From Under HMS Victory’s mast…

Via the National Museum of the Royal Navy 

A 127-year-old coin placed under the mast of the HMS Victory as part of a centuries-old sea-faring tradition has been sensationally uncovered and put on display at Portsmouth Historic Dockyard to mark this year’s Trafalgar Day commemorations on Thursday 21 October.

The coin, identified as a farthing, was uncovered in the base plate of the 32-metre, 26-tonnes mast section which was temporarily removed from Vice-Admiral Lord Nelson’s flagship during a highly complex three-day engineering challenge, earlier this year.

It will be put on display from Trafalgar Day in the National Museum of the Royal Navy’s newest gallery, HMS Victory: The Nation’s Flagship, which charts the extraordinary story of the remarkable survivor considered by many to be the world’s most famous ship.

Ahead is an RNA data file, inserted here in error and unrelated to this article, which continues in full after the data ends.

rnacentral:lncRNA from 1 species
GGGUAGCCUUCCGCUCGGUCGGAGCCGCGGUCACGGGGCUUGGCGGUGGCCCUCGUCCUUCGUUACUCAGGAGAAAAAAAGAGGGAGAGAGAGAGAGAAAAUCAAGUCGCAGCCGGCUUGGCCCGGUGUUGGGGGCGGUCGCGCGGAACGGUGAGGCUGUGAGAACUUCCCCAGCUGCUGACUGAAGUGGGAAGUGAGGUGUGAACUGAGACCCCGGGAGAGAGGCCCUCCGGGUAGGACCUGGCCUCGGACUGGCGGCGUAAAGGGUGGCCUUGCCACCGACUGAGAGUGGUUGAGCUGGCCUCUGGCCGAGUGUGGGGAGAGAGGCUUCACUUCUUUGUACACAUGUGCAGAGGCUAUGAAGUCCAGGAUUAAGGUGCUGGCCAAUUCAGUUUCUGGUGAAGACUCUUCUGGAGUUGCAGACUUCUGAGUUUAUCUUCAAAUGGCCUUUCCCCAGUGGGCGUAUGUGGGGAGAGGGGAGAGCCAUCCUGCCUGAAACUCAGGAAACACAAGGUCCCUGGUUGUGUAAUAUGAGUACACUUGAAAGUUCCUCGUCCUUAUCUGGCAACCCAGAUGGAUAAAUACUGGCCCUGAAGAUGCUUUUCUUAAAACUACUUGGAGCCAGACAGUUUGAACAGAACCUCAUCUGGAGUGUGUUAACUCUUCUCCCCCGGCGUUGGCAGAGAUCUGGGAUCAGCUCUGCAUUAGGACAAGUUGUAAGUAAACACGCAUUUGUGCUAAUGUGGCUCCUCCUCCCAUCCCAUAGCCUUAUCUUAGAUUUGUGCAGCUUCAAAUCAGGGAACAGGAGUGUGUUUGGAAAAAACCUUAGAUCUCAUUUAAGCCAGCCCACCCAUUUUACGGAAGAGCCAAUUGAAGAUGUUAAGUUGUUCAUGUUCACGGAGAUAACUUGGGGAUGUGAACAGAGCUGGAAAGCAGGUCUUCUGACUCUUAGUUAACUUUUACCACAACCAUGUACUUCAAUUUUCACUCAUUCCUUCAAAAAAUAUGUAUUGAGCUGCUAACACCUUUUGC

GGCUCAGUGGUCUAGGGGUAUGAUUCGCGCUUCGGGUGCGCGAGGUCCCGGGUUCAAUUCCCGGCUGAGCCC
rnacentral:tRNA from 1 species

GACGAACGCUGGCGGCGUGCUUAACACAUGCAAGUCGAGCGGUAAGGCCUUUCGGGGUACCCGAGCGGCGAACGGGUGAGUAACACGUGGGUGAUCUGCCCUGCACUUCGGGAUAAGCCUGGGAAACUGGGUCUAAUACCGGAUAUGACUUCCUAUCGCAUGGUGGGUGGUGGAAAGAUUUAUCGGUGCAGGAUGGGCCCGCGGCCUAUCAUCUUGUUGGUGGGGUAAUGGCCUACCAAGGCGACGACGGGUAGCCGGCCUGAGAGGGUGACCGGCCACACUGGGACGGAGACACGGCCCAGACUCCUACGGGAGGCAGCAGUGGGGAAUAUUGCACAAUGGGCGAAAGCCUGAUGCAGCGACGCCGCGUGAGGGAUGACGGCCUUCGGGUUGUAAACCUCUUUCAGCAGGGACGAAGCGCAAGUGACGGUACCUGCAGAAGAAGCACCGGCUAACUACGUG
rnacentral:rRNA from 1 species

The coin is a farthing from 1894, with a face value at the time of ¼ pence, which would be worth about 0.1p today.  If in perfect condition it would feature Queen Victoria’s head on one side, with her hairstyle documented to 1874-94 and Britannia on the other with a lighthouse in the background, however this coin is impacted by corrosion, so this is less clear.

The tradition of placing coins under their ship masts may date back to Roman times and remains a naval tradition. The date of 1894 ties in with when these particular masts were inserted into the ship, when their ship, HMS Shah, had been decommissioned.  The masts replaced Douglas Fir ones inserted in the 1850s that had since become rotten.

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